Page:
This document is a short guide on the generally accepted naming conventions and other aspects of Pawn source code to aid easier communication of intent and streamline debugging and sharing of code.
A statement is a piece of code that imperatively tells the host program to do something. A statement is a valid piece of code that yields some result.
This is a statement composed of a variable being assigned the result of an [#Expression].
This is a statement telling the program to call a function with some arguments.
This is not a statement as the result is not used anywhere, this is just an [#Expression].
A compound statement is a collection of statements surrounded by braces.
This is a compound statement composed of two statements.
This is a compound statement with an
if condition, this is usually referred to as an "if statement".
This is not a compound statement, it's a chain of statements separated by commas. This form of chaining statements is considered bad practice.
An expression is a piece of syntax that yields a value, it's not a valid statement unless the yielded value is used in some way.
Expressions are often composed to form statements.
This is a simple addition expression that takes two values and applies the add operator to them.
Allman braces are preferred:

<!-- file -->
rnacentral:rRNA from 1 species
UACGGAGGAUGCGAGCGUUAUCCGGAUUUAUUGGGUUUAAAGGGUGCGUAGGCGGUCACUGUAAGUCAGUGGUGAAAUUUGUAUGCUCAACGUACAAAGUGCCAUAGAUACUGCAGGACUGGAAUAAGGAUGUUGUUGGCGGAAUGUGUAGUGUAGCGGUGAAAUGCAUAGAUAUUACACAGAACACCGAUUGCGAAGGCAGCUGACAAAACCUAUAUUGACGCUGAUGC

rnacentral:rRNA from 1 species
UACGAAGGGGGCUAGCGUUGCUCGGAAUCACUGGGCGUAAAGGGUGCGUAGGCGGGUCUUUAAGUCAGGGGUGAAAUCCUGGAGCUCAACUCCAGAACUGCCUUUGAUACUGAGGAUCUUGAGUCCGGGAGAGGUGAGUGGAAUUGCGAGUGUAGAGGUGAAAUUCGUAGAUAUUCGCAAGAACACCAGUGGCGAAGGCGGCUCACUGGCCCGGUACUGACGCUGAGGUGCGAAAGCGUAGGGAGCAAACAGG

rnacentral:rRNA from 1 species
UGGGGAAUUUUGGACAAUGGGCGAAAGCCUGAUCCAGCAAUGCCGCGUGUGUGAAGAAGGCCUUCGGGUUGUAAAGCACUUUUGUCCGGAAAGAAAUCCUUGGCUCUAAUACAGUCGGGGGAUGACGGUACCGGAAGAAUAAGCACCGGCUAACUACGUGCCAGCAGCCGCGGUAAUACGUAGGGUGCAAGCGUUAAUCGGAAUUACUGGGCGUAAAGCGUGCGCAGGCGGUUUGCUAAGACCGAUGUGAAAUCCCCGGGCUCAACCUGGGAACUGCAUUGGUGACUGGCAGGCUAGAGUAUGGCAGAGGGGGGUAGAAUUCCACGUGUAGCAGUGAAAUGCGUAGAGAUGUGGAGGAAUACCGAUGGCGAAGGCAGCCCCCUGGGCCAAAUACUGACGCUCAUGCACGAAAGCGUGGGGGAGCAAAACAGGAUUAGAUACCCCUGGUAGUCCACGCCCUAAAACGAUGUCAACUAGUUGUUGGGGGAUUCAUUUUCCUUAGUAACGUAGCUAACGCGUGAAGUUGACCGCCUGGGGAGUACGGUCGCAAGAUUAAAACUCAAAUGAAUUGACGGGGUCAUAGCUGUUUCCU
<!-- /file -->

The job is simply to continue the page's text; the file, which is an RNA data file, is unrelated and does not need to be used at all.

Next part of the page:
However, if you can't shake the muscle memory, K&R braces are also valid Pawn:
Switches must use two indent levels, one for the
switch block and another for each
case statement or compound statement.
Compound Statements (Blocks)
Blocks must always use braces, even if only a single line of code exists within a block. This applies to all levels including functions.
Functions must be named with
Global variables must always use
g prefixed PascalCase, so
gVariableName and should generally always be
Constant globals must use
Local variables must always use
camelCase and must never use single letter names, apart from:
k, etc in
z, etc in mathematical contexts
Enumerators, if named, must be prefixed with
E_ and use
SCREAMING_SNAKE_CASE. The one exception is when avoiding a
Index tag mismatch warning, in which case an
e_ prefix may be used.
SCREAMING_SNAKE_CASE must still be used even with the lower case
Enumerator fields must also be
SCREAMING_SNAKE_CASE and use the enumerator name as a prefix.
To avoid index tag warnings in some cases:
Enumerators must always be declared
static unless used outside the module.
Macros and Pre-Processor Definitions
Macros must always use
SCREAMING_SNAKE_CASE regardless of their usage.
Pre-Processor definitions (constant definitions) must also use
This helps differentiate between variables and constants as well as functions and macros.
It's generally advised to avoid inventing new syntactical elements in order to prevent confusion among newcomers as to which words are part of the language and which words are from libraries.
However, some older libraries do this and cannot change because of backwards compatibility.
Always document exported functions with a simple line comment in the format
// FunctionName does X, Y and Z and returns A where the first word is the name of the function itself followed by a brief description of what it does. No need to waste time describing each individual parameter. For example:
Each package should have a
README and, if necessary, each module should have a comment on the very first line describing what that module provides.